3. Difficulty in high contrast situation. When shooting under the midday bright sun, highlights can be washed out and shadows can be blacked out when looking through EVF. This can be annoying. On the other hand, my picture will turn out just like that, with washed out highlights and blacked out shadows. As a landscape photographer, I rarely shoot under the midday bright sun anyway.
4. Shortened battery life. With A900, I can shoot all day without changing battery. Not for A77, a spare is necessary.
Advantage of an EVF:
1. What you see is what you get, exposure wise. Adjusting exposure compensation, I can see the image changes brightness.
2. Information overlay. I can overlay all kinds of information on EVF. For example, I can overlay histogram right at the corner of the EVF by press a button. Making the right exposure has become an easy task.
3. Auto-focus while in a high speed burst. Often, my first image is out of focus. By the second image in the sequence, the focus has caught up with the bird in fly.
4. Taking pictures under the dim light. When I shoot at night, I can see the image through EVF. It is grainy, but it is an image that can aid my composition. I can even compose, adjust exposure, and auto-focus with a 10 stop ND filter under normal light condition.
Given the pros and cons of EVF, I am at the point that I would not go out to buy a camera solely based on what kind of viewfinder it has. The decision will be based on other capabilities such as image quality, speed, handling, etc. This alone is an huge advancement for EVF system. I would not mind trade in my A900 for a A99 if the later gives me 2 stops lower high iso noise level. Is the future with EVF or OVF? I am not sure. It largely depends on the general acceptance of EVF. But one thing I am certain is that OVF will not get much better, and EVF will definitely improve over time.
During my recent adventure, I decided to shoot Milky Way at White Pockets. I got up very early and walked in there in total darkness. Even with the help of a GPS, I could not figure out the exact location I scouted during the day. Fortunately, this is White Pockets, I can just setup my camera and shoot in any direction. It will turn out just fine.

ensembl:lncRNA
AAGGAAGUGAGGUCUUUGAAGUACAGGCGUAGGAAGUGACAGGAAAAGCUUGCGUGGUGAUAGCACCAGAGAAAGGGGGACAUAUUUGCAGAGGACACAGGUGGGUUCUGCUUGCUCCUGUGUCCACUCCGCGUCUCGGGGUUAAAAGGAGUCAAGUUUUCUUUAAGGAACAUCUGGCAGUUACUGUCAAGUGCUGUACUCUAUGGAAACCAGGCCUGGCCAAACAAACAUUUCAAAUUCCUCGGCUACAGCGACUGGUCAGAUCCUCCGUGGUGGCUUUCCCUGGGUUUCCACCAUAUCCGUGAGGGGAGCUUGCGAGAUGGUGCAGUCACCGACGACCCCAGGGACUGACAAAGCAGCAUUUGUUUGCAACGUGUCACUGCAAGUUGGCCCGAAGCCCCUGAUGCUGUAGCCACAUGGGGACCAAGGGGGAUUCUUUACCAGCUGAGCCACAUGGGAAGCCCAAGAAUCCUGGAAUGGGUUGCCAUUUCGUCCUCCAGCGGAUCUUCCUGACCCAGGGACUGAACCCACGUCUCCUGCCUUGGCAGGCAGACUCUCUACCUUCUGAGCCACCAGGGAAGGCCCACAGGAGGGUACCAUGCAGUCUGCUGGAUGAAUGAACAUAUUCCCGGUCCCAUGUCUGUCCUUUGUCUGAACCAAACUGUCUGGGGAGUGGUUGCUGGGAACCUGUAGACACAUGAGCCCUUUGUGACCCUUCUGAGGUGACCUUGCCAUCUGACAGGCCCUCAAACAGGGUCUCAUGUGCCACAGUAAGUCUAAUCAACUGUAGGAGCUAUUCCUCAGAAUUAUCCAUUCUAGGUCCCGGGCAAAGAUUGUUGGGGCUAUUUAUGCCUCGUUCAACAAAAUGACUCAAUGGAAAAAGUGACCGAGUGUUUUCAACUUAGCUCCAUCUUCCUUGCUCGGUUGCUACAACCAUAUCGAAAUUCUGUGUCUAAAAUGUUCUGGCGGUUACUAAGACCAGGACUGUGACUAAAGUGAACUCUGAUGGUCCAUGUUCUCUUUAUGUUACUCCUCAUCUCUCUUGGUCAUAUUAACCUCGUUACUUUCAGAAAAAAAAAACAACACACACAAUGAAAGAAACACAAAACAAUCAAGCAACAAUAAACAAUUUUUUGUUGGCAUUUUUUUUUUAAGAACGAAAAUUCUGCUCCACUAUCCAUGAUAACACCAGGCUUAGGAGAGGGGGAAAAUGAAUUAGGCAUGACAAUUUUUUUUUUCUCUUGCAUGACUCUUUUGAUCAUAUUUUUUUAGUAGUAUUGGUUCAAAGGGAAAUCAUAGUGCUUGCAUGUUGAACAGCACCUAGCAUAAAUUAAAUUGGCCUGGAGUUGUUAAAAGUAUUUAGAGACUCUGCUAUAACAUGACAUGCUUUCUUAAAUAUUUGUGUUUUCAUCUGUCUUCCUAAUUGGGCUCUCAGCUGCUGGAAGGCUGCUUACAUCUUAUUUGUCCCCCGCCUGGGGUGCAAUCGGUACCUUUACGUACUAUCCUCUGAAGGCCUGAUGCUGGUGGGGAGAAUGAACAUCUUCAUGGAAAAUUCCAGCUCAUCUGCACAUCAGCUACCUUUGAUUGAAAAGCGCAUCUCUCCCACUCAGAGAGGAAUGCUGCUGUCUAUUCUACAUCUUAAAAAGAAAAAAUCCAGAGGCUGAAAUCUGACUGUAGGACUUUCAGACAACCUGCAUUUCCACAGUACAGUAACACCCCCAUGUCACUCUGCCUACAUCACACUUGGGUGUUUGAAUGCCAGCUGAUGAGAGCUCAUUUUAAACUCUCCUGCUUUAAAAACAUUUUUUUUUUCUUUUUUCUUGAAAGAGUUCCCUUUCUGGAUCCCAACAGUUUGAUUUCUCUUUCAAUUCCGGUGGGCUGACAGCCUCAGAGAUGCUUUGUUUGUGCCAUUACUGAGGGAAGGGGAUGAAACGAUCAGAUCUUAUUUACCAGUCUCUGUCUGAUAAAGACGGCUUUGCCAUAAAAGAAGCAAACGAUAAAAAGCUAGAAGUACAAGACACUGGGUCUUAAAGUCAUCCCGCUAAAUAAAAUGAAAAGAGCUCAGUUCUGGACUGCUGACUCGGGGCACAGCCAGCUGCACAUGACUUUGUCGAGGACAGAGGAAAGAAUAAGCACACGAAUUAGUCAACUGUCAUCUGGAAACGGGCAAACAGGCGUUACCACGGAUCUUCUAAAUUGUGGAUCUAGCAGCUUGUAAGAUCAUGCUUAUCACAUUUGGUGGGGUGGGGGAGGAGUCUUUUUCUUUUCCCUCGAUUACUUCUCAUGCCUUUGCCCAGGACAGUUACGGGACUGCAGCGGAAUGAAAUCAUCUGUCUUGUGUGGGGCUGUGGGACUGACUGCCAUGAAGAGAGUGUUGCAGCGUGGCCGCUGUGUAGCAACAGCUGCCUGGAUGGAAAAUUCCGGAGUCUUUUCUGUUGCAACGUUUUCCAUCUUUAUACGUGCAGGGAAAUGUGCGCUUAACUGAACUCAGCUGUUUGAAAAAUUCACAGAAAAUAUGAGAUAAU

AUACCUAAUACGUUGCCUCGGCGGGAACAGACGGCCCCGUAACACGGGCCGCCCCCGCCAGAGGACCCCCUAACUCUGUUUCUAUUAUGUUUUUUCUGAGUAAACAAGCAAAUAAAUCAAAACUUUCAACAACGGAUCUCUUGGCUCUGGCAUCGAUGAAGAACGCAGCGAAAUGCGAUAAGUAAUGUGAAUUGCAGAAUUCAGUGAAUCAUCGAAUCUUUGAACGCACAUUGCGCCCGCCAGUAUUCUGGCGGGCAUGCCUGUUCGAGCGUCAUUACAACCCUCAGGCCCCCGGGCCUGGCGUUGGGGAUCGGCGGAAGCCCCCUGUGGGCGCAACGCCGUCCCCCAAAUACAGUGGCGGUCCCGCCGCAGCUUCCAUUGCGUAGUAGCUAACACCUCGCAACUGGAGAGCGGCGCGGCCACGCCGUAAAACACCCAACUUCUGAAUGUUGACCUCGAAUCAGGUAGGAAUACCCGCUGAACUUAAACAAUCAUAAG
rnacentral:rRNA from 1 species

The picture was blended with two exposures taken about an hour apart without moving the camera. The first exposure was taken about two hours before sunrise with f2.8, 30sec, ISO3200. 30 second exposure time was chosen to minimize the movement of stars. The difficulty of this exposure was to decide the composition when foreground elements were in total darkness. I used a flashlight to illuminate the foreground element while I looked through view finder. Then I took a few test shots with 10sec exposure at ISO 6400, and made fine adjustment after each shot. When the final composition was determined, I set the focal distance at infinity and made a couple of exposures. At that time, the sky was becoming less dark that Milky Way was fading away.
In the first exposure, the foreground was completely black. To reveal some details in foreground, I decided to take a second exposure at pre-dawn. I left camera untouched on the tripod and waited in there for an hour or so until it was close to dawn when foreground was visible. Then I made a second exposure with f/8.0 30s ISO 400. I used manual focus to set focus at hyper focal distance.
Back at home, I loaded both images into two separate layers in Photoshop. First exposure at bottom and the second exposure on top. I carefully selected the sky of second exposure and deleted it, then merged two images together.
White Pockets is a surreal place. I wanted to make a surreal image to capture viewer’s imagination. I decided to convert the image to black and white and add some blue filter in photoshop to give it some out of this world feel. The Milky Way, the foreground, as well as the choice of monochrome theme helped to emphasize the mood.
As remote as White Pocket is, I encountered two to three tour groups every day. Fortunately, most of them were only interested in afternoon short hikes and a few snap shots. They were long gone before sunset, when I emerged from my afternoon nap and started to do real work. It worked well for the first two days. Things went down hill on the third day, there came a Japanese photography tour group. They were a determined group with a single purpose in mind, that was to congregate on anyone who had a tripod. At one point, my frustration overtook my concentration that I dropped my camera on the ground. Ten minutes later, my friend David knocked his tripod over, with the camera and his priced Leica lens.
There were talks about starting a permit system at White Pocket just like the Coyote Butts to protect the fragile landscape. Now I can see why it is necessary.
After a frustrating evening, I decided to do some night photography. Night time at White Pocket is a magic moment. I had the whole area to myself, with the companion of some coyotes. Although I knew the coyotes do not attack human, the coyote sing under the night sky still made my hairs standing up. It was two days before the full moon. The ground was so well lit that I did not have any trouble to capture the foreground.